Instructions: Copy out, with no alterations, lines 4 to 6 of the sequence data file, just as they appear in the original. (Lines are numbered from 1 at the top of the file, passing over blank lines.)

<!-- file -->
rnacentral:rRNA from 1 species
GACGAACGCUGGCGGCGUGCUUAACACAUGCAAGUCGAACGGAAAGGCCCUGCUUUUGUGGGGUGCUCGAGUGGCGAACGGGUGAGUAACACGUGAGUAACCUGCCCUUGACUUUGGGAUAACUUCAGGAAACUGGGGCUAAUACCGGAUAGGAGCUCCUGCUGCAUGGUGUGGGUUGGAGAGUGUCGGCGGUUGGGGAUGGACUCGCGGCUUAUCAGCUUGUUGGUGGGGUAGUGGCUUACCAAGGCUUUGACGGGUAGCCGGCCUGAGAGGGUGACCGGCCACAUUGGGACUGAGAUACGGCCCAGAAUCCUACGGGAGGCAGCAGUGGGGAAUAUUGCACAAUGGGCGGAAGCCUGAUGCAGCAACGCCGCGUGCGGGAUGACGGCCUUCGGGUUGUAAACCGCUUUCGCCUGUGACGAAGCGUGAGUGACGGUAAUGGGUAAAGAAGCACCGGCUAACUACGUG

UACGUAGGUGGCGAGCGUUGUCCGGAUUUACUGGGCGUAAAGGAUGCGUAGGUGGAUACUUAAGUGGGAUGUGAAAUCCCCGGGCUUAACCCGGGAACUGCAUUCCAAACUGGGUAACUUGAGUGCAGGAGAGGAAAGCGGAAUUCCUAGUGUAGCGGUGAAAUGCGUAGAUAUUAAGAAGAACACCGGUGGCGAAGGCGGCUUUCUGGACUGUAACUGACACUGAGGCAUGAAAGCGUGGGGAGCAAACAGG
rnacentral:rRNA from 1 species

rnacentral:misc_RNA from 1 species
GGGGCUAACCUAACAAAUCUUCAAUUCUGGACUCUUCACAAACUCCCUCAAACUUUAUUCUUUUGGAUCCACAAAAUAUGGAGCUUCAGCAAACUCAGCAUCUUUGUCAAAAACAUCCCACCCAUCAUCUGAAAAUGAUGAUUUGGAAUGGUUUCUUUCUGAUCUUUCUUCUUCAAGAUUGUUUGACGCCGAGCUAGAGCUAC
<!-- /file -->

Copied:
rnacentral:rRNA from 1 species

rnacentral:misc_RNA from 1 species
GGGGCUAACCUAACAAAUCUUCAAUUCUGGACUCUUCACAAACUCCCUCAAACUUUAUUCUUUUGGAUCCACAAAAUAUGGAGCUUCAGCAAACUCAGCAUCUUUGUCAAAAACAUCCCACCCAUCAUCUGAAAAUGAUGAUUUGGAAUGGUUUCUUUCUGAUCUUUCUUCUUCAAGAUUGUUUGACGCCGAGCUAGAGCUAC